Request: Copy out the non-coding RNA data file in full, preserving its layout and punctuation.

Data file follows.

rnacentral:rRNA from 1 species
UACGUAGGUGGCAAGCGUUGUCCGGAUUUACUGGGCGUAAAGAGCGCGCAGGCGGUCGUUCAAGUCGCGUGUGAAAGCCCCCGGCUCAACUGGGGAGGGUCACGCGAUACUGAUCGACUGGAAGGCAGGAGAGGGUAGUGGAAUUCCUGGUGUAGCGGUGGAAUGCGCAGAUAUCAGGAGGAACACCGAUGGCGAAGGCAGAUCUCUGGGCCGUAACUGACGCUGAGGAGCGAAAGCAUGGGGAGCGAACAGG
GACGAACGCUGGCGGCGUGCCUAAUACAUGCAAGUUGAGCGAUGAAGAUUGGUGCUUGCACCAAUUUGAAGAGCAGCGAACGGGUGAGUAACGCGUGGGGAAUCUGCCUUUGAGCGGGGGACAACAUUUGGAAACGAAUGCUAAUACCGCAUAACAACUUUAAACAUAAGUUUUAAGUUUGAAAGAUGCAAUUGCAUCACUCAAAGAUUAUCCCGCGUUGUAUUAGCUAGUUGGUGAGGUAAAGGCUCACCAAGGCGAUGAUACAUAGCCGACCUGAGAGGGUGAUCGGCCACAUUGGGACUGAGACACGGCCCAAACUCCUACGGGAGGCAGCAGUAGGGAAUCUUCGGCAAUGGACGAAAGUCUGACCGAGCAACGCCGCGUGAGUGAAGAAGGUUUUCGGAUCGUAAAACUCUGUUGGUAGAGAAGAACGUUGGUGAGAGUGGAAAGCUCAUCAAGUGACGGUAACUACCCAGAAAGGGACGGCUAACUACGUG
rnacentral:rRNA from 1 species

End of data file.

rnacentral:rRNA from 1 species
UACGUAGGUGGCAAGCGUUGUCCGGAUUUACUGGGCGUAAAGAGCGCGCAGGCGGUCGUUCAAGUCGCGUGUGAAAGCCCCCGGCUCAACUGGGGAGGGUCACGCGAUACUGAUCGACUGGAAGGCAGGAGAGGGUAGUGGAAUUCCUGGUGUAGCGGUGGAAUGCGCAGAUAUCAGGAGGAACACCGAUGGCGAAGGCAGAUCUCUGGGCCGUAACUGACGCUGAGGAGCGAAAGCAUGGGGAGCGAACAGG
GACGAACGCUGGCGGCGUGCCUAAUACAUGCAAGUUGAGCGAUGAAGAUUGGUGCUUGCACCAAUUUGAAGAGCAGCGAACGGGUGAGUAACGCGUGGGGAAUCUGCCUUUGAGCGGGGGACAACAUUUGGAAACGAAUGCUAAUACCGCAUAACAACUUUAAACAUAAGUUUUAAGUUUGAAAGAUGCAAUUGCAUCACUCAAAGAUUAUCCCGCGUUGUAUUAGCUAGUUGGUGAGGUAAAGGCUCACCAAGGCGAUGAUACAUAGCCGACCUGAGAGGGUGAUCGGCCACAUUGGGACUGAGACACGGCCCAAACUCCUACGGGAGGCAGCAGUAGGGAAUCUUCGGCAAUGGACGAAAGUCUGACCGAGCAACGCCGCGUGAGUGAAGAAGGUUUUCGGAUCGUAAAACUCUGUUGGUAGAGAAGAACGUUGGUGAGAGUGGAAAGCUCAUCAAGUGACGGUAACUACCCAGAAAGGGACGGCUAACUACGUG
rnacentral:rRNA from 1 species